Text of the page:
Here’s a thing you’ll want to know: Donna Summer is dead. She died in 2012, of lung cancer that she believed was caused by exposure to toxic dust in New York after the Sept. 11 attacks.
This is, remarkably, not something you would know from Summer, the odd duck of a biomusical that opened tonight at the Lunt-Fontanne. Donna gets sick near the end of the show, but she and her family sing a defiant song, and then she goes on telling her story. If you have only a glancing familiarity with the Queen of Disco’s life—and, let’s be honest, how many living today have more than that?—you’re likely to walk out of the theater thinking, “Huh, so I guess she’s still alive?”
It’s only one of the many plot details that will leave you scratching your head. Summer, with a script credited to Colman Domingo, Robert Cary, and the director Des McAnuff, uses three Donnas—Duckling Donna (Storm Lever), the little girl who hopes to grow up into a swan; Disco Donna (Ariana DeBose), the talented woman riding her success; and Diva Donna (LaChanze), the icon looking back at her life—to provide an episodic, song-driven, non-chronological look at her life. The performances are frequently electric, and the songs sound spectactular, but any attempt to learn something about Summer’s life, to understand what drove her, to gain a deeper era understanding of the disco era, comes and goes as quickly and lightly as that barely acknowledged tumor.
Each number proceeds the same way: There is a plot development interpolated into a song; the song ends and that chapter is over, never to be mentioned again. This is how we learn, barely, about her cancer, about her learning to drive, about abandoning Casablanca Records for Geffen, about an allegation that her childhood pastor molested her. Each episode is given equal weight, with immediate resolution, and thus nearly no weight at all. There’s virtually nothing on Summer as a songwriter, no sense behind some passing mentions that she was the author of her hits—or of her own life.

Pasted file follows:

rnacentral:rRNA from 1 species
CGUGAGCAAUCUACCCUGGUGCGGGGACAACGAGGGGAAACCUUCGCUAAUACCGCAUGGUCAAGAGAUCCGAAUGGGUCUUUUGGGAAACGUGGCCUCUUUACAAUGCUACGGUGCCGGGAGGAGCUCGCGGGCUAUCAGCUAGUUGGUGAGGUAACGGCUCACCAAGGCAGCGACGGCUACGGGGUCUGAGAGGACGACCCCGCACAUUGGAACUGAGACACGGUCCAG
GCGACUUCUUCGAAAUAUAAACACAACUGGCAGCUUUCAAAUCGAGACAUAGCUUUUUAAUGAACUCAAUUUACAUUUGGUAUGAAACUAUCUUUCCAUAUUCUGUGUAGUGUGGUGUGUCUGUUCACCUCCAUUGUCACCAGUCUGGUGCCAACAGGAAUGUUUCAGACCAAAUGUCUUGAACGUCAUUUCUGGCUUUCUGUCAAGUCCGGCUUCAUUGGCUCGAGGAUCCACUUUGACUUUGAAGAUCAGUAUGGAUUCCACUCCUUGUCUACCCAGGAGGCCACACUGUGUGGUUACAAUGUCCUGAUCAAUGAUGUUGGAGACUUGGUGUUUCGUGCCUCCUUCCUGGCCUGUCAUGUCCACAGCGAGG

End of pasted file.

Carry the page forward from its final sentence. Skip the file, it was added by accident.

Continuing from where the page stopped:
What’s oddest is that the musical is trying to tell a story or make a point at all. It clearly wants to be nothing more than a concert, and that’s when it’s at its best. There are 23 Summer hits here, in an intermissionless 100 minutes or so, and McAnduff, with the choreographer Sergio Trujillo, stages the hell out of them. It’s a sinewy, sexy, disco-inspired but not cheesily Solid Gold-style dancing, and the two main leading ladies are sensational, LaChanze fully embracing her character’s divaness, and her own, singing and moving as an unstoppable force. DeBose, as Disco Donna, does the hardest work, the one actor must not only sing the songs but also portray the bulk of Summer’s life and successes. The awkward, enervated script does her no favors, but she gives her character dignity and drive—and she’s as good as LaChanze in the big numbers.
One interesting choice by McAnuff and Trujillo is the casting of Summer’s ensemble. There are nearly no men in it. There are some male actors in the cast, playing Donna’s father and love interests. But the chorus is nearly all female, dancing and moving as disco-era women and men, some of the dancers in flowing gowns and others in bell-bottoms and sportscoats. It’s a nice illustration of the ambisexuality of the disco world, and it’s also—and a line in the script spins it this way—a women’s-power nod to the changing gender dynamics of the era. But it’s a decision that I suspect misjudges this musical’s audience. If the point is to have a good time at a sexy disco concert, I think I speak for all the gay men and middle-aged women in attendance when I say: some hunky chorus boys to look at, please. (Also, occasionally the lineup of women in suits looks like a Robert Palmer video.)
But, then, Summer is a musical that throughout seems to want you to have a great time but also slightly misses the mark. There is a moment early on when it seems like it might actually have something to say. After an opening dance number, we’re in the first scene. Diva Donna is on stage, regal in an electric-blue gown and windswept hair against a black stage. Her microphone has some reverb in it, suggesting a rock god commanding a stadium.
“For the longest time, people had me convinced there was something wrong with this music,” she says. “‘Dance music.’ Like the term was some kind of insult. … A synthesizer can sustain notes forever, so people said, ‘It’s not a real instrument. It’s cold, it’s robotic, it’s artificial.’ Well, screw ’em. We were the future. Our musical instrument wasn’t just the synthesizer. It was the whole recording studio.”
It’s the start of a spirited defense of disco as a genre and electronic music as an art. It hints at a sustained argument for that world and Summer’s work it. Instead, Summer just settles for having a good time.
Summer opened April 23, 2018, at the Lunt-Fontanne Theatre. Tickets and information: thedonnasummermusical.com